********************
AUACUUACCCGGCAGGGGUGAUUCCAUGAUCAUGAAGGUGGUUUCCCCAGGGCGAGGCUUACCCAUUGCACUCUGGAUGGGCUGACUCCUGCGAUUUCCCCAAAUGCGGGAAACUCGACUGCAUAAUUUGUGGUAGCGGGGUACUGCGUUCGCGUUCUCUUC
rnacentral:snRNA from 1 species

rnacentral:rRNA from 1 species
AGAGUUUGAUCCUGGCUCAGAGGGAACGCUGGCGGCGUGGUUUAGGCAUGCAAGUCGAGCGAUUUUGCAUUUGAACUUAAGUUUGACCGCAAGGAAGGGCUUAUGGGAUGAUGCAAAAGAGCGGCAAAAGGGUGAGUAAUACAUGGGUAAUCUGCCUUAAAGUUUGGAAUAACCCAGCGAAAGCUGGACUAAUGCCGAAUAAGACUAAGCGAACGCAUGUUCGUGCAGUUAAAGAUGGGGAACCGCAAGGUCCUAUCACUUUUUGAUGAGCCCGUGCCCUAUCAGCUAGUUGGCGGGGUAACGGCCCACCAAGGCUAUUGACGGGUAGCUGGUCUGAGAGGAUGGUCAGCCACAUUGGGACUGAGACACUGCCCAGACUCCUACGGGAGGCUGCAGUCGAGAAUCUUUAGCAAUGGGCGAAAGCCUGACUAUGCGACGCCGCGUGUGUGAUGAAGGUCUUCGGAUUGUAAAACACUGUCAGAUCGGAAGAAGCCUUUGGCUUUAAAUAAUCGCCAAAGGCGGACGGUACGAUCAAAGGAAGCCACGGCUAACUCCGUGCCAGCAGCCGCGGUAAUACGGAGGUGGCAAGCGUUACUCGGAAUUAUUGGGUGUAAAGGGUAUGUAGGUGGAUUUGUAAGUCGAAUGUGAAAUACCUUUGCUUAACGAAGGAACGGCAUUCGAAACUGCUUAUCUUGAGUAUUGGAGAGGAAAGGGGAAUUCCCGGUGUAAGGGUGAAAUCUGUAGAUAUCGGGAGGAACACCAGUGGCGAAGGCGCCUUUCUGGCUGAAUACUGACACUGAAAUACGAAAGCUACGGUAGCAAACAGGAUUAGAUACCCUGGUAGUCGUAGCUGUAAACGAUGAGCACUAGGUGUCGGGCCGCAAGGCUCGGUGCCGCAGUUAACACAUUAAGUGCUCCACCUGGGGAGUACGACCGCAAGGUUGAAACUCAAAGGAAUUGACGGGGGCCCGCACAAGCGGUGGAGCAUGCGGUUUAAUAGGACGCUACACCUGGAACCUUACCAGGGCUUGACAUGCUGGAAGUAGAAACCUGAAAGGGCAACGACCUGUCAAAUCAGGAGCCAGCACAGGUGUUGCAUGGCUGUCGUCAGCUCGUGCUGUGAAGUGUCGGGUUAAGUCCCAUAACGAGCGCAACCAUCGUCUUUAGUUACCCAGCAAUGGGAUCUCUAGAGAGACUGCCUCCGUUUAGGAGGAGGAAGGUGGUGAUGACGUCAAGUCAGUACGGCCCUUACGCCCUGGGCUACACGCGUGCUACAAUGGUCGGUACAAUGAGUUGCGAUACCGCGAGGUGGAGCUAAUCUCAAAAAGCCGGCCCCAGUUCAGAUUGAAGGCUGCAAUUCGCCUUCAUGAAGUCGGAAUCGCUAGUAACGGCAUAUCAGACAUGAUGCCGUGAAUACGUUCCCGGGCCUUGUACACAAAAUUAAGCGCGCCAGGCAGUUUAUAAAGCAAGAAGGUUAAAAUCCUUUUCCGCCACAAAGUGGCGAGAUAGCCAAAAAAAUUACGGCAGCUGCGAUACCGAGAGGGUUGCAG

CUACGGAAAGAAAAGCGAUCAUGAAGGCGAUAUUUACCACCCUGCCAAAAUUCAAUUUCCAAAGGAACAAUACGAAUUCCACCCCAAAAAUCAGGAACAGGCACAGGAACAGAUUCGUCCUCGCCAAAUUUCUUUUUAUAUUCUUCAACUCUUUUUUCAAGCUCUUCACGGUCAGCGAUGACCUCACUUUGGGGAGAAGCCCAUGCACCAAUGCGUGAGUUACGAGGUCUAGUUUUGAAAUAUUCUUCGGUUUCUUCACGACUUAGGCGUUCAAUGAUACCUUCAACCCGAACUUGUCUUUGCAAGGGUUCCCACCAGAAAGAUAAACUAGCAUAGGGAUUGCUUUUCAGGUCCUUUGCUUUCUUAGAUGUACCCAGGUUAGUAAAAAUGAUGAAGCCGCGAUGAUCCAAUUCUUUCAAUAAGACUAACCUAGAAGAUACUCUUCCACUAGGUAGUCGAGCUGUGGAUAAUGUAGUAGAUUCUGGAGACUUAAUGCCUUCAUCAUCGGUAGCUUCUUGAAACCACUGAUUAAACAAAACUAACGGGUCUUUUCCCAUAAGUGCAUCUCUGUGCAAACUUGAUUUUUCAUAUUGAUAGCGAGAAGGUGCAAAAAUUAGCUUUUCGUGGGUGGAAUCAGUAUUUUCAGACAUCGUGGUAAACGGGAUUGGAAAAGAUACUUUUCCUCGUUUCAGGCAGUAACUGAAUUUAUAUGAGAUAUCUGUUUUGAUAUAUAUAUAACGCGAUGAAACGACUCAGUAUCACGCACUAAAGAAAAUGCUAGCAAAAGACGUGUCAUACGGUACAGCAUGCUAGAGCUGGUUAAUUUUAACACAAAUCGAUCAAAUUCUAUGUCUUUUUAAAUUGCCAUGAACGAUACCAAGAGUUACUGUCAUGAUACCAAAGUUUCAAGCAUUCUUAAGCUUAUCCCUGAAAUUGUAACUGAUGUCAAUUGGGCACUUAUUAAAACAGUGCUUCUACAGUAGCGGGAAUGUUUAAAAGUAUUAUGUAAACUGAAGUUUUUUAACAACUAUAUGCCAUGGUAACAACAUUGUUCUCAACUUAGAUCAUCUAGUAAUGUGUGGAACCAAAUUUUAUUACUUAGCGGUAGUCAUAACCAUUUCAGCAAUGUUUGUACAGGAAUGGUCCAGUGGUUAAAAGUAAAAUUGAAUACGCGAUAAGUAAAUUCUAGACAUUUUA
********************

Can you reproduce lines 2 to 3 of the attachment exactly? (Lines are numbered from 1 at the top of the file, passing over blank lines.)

rnacentral:snRNA from 1 species

rnacentral:rRNA from 1 species